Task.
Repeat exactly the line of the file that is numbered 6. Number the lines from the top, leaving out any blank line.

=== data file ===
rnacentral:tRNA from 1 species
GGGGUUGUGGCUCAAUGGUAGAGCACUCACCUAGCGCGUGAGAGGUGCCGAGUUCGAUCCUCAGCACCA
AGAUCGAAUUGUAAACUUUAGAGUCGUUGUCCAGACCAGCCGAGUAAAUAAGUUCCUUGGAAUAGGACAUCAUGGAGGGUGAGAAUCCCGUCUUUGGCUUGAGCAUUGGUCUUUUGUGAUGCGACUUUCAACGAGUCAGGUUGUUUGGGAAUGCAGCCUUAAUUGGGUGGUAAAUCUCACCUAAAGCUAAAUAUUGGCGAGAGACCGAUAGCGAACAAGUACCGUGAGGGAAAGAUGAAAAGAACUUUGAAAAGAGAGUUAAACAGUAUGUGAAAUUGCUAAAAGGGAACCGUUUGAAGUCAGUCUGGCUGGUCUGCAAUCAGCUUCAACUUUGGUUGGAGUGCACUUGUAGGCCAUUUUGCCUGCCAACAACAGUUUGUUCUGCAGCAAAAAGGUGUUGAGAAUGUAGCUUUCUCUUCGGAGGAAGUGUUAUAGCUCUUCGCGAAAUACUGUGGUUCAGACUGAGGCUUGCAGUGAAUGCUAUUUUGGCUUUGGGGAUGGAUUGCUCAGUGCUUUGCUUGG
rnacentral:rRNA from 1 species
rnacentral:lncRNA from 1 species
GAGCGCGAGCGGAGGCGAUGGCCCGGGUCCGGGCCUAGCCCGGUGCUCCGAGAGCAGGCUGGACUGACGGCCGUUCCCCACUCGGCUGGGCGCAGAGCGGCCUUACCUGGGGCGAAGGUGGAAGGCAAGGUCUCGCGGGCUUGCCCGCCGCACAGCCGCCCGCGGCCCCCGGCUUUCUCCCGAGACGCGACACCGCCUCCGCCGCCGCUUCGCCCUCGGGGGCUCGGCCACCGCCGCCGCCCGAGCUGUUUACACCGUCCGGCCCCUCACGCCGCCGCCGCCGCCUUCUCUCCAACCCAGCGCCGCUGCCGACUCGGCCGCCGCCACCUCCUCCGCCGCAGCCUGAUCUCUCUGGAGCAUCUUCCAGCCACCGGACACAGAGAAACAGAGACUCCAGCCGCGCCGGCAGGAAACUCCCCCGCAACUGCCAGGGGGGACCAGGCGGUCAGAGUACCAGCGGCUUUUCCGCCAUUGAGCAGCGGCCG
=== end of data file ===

GAGCGCGAGCGGAGGCGAUGGCCCGGGUCCGGGCCUAGCCCGGUGCUCCGAGAGCAGGCUGGACUGACGGCCGUUCCCCACUCGGCUGGGCGCAGAGCGGCCUUACCUGGGGCGAAGGUGGAAGGCAAGGUCUCGCGGGCUUGCCCGCCGCACAGCCGCCCGCGGCCCCCGGCUUUCUCCCGAGACGCGACACCGCCUCCGCCGCCGCUUCGCCCUCGGGGGCUCGGCCACCGCCGCCGCCCGAGCUGUUUACACCGUCCGGCCCCUCACGCCGCCGCCGCCGCCUUCUCUCCAACCCAGCGCCGCUGCCGACUCGGCCGCCGCCACCUCCUCCGCCGCAGCCUGAUCUCUCUGGAGCAUCUUCCAGCCACCGGACACAGAGAAACAGAGACUCCAGCCGCGCCGGCAGGAAACUCCCCCGCAACUGCCAGGGGGGACCAGGCGGUCAGAGUACCAGCGGCUUUUCCGCCAUUGAGCAGCGGCCG